There’s nothing better than walking into a meeting feeling prepared. However, it’s very easy to lose that confidence — especially when presenting remotely. With more meetings happening virtually, you might be afraid to speak up. Or, you may be more focused on making sure the view behind you isn’t a complete mess. (It’s okay if it is — we’re all just trying to survive right now.)
Or, sometimes your mind might blank. Have you ever completely forgot ideas that seemed so vivid just 15 minutes ago? It happens to all of us. And even though you probably know in your heart that it doesn’t make you a bad employee or boss, it may feel that way in the moment.
Here are six ways to stay organized so that you can regain that confidence during meetings.
1. Try using Mnemonic devices.
It helped you back in high school — why not now? These techniques will help you recall things easier. They’re especially useful if you’re giving a presentation and want to look more confident with your knowledge on the subject. If you’re presenting something and stumble on the details, or seem unsure, your audience will tune out. If you’re leading a team meeting and hoping for the information to stick with your employees, there’s no better method.
2. Keep a small notepad nearby.
Consider buying a small pad that can fit in your pocket or on your desk. If it travels with you, even better — because, sometimes we can’t control when we’ll have a great idea. This can be a useful practice for other things in your life, too. If you’re tracking your eating habits, the pad is right there. Or if you meet someone new that you want to network with, you can jot down details about the meeting and any contact information you need to know.
3. Try sketching out ideas and plans on a digital whiteboard.
The good thing about digital whiteboards is that you can access them very easily. A board like Vibe has plenty of canvases that are able to be saved and reflected upon later. It’s kind of like having a notepad, but you won’t have to worry about locating a pen to jot your ideas down.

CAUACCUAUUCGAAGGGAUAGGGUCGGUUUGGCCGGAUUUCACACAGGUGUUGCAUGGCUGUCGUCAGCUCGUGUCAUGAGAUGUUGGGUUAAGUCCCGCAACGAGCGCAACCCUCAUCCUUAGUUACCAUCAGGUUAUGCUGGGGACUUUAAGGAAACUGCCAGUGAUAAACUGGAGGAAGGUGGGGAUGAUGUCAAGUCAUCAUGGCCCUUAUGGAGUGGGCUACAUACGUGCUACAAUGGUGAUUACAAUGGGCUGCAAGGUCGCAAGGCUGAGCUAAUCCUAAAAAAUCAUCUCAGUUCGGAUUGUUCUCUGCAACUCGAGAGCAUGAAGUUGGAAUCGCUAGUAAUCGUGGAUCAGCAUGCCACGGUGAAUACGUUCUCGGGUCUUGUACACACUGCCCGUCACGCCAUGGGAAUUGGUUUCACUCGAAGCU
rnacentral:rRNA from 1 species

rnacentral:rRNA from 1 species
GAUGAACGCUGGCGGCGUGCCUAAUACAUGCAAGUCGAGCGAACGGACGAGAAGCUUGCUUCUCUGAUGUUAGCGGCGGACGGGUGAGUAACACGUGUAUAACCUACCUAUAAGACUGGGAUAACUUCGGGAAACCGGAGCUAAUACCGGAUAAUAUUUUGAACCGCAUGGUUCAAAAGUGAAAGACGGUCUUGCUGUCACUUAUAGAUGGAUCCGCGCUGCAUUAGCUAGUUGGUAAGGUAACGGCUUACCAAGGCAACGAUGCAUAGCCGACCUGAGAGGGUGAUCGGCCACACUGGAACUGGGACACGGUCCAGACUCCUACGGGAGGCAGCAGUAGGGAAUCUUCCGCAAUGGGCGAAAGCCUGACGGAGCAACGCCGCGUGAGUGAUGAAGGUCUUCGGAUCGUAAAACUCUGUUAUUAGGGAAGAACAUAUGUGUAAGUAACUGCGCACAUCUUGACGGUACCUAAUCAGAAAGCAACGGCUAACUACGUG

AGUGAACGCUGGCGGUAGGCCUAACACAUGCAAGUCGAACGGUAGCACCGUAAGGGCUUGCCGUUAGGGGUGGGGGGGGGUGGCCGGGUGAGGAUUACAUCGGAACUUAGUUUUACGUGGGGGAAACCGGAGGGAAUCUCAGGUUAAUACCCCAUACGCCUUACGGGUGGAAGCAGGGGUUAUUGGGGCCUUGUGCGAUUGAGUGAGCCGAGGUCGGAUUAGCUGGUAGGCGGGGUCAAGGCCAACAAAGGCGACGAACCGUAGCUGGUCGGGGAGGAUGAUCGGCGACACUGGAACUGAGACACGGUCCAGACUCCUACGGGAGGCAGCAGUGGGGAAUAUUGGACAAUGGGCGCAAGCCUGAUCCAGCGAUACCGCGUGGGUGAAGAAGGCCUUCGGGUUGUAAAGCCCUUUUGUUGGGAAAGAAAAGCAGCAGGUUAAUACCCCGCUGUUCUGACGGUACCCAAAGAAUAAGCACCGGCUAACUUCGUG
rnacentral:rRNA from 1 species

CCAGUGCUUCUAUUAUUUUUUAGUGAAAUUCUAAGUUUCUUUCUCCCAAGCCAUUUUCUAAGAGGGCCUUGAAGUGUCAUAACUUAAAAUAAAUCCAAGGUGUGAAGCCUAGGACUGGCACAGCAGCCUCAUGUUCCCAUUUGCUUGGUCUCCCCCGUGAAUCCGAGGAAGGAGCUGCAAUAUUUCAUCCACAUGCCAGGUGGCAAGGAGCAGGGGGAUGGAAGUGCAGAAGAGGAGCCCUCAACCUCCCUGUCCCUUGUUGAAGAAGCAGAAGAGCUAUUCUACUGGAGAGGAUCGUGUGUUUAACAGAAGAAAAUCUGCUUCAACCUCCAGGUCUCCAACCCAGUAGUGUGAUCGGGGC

4. Consider making voice recordings.
This is especially good if you’re often in the car. While driving, you don’t want to reach for your phone, or a notepad — it’s just unsafe. If you’re good at listening back to the recordings, an audio note may be a good tactic to try. And sometimes, new ideas may evolve from what you’re saying. With a voice recording, you’re actively brainstorming.
5. Use a flowchart.
If your ideas have multiple tiers, a flowchart is a very beneficial tool. It’ll also keep your team members fully aware of the steps of what you’re presenting. Breezetree Software writer Nicholas Hebb feels as if they’re especially great if you learn better with images and graphics. “Flowcharts explain a process clearly through symbols and text,” he writes. “Moreover, flowcharts give you the gist of the process flow in a single glance.” Flowcharts are great if your team has a task that needs to be solved. It’ll also help you stay organized and focused on the idea at hand. Plus, let’s face it. They can be really fun to create.
6. Summarize your ideas at first.
If you get too detailed, you may end up forgetting the whole picture. Instead, be brief. You have plenty of time to go back and solidify your ideas prior to heading into a meeting. If you have ideas that will eventually be expanded on by a team, it’s also important not to put too much thought into the small details. If it’s really a group project, those details will likely be changed or modified.
Organizing your thoughts may take a little bit of practice. It can be hard to try and train your brain to work in different ways. However, eventually, you’ll find a strategy that works for you, and it’ll make your meetings far more productive and focused.